Management of Microvascular Angina Pectoris

Gaetano A. Lanza; Rossella Parrinello; Stefano Figliozzi

Disclosures

Am J Cardiovasc Drugs. 2014;14(1):31-40. 

In This Article

Clinical Characteristics and Diagnosis

In the modern era of invasive cardiology, more than 50 % of patients undergoing coronary angiography for non-acute chest pain are found to have normal or near normal coronary arteries.[3]

While, in several clinical studies, these patients have been assessed as a unique cohort, it should instead be realized that they actually constitute a heterogeneous group, of which patients with MVA, as defined above, are only a well selected subset who need careful identification and specific assessment.

Chest pain caused by CMVD is often indistinguishable from that caused by obstructive CAD. However, some clinical and diagnostic findings may suggest a microvascular origin of angina.[4] Thus, in contrast with obstructive CAD, patients with MVA are more often women, with an average age of symptom onset around 50–55 years. Persistence of a dull pain sensation after stopping efforts and a poor or slow response to short-acting nitrates is very suggestive of MVA. Accordingly, failure of short-acting nitrates to improve the ischemic threshold during an exercise stress test[5] is also a clue to MVA.

A further finding highly suggestive of MVA is the lack of left ventricular wall motion abnormalities at ECG stress test in spite of the induction of typical angina and ischemic ECG changes.[6] The reason that MVA patients, in contrast with CAD patients, do not usually display contractile abnormalities likely resides in the fact that CMVD is patchily distributed across the myocardial wall. Thus, contractile dysfunction in the small myocardial regions with CMVD can be obscured by the normal, or even enhanced, myocardial contraction of interposed myocardial areas.[7]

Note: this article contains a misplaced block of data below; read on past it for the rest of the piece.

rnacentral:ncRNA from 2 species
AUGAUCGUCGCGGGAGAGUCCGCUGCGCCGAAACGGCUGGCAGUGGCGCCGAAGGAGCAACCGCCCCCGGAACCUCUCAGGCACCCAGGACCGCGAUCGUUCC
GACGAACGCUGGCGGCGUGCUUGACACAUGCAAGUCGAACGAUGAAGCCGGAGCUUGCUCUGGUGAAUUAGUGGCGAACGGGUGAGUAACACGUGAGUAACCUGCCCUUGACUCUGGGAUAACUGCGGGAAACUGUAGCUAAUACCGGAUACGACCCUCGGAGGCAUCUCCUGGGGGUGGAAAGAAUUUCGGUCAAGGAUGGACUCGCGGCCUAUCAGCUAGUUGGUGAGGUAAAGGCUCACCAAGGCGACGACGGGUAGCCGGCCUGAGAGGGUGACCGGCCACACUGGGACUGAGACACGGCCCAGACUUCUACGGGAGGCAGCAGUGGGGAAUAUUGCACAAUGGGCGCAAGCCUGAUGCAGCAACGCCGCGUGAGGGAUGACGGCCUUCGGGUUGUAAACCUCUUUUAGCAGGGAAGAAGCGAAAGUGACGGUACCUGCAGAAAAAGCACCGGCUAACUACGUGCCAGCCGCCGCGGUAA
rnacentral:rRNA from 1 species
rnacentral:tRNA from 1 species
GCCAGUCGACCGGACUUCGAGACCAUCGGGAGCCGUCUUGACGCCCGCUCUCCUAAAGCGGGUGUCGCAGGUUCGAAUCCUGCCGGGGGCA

In clinical practice, the diagnosis of MVA is mainly based on the exclusion criterion of the absence of obstructive CAD at angiography in patients with typical effort angina and evidence of myocardial ischemia on noninvasive investigation, as described above. However, a definite diagnosis might be achieved by documenting the presence of CMVD. This can be obtained by measuring the changes in coronary blood flow (CBF) in response to vasodilator and/or vasoconstrictor stimuli.

This can more precisely and completely be achieved with invasive methods (e.g., intracoronary Doppler recording), although several non-invasive methods are also now available to valuably assess coronary microcirculation, including positron emission tomography, cardiovascular magnetic resonance, and transthoracic Doppler echocardiography (TTDE).[8] However, non-invasive investigation only allows the reliable assessment of coronary microvascular dilation, whereas demonstration of selective enhanced coronary microvascular constriction would require invasive investigation.[8]

Although more advanced methods can be required in some patients, in daily practice CMVD can in most cases be revealed by measuring CBF response to dilator stimuli in the left anterior descending coronary artery by TTDE. In patients with typical angina and normal coronary arteries, a CBF increase<2.0 during adenosine administration and/or <1.6 during cold pressor test can be considered diagnostic for CMVD.[8]

Of note, while MVA is taken into account when invasive coronary angiography is normal in patients with angina and evidence of myocardial ischemia, in some patients who present clinical findings strongly suggestive of MVA (see above), the exclusion of obstructive CAD might be obtained by non-invasive computed tomography coronary angiography, which has a high negative predictive value and can avoid the small, but definite, risk of invasive coronary angiography in most cases.[9]

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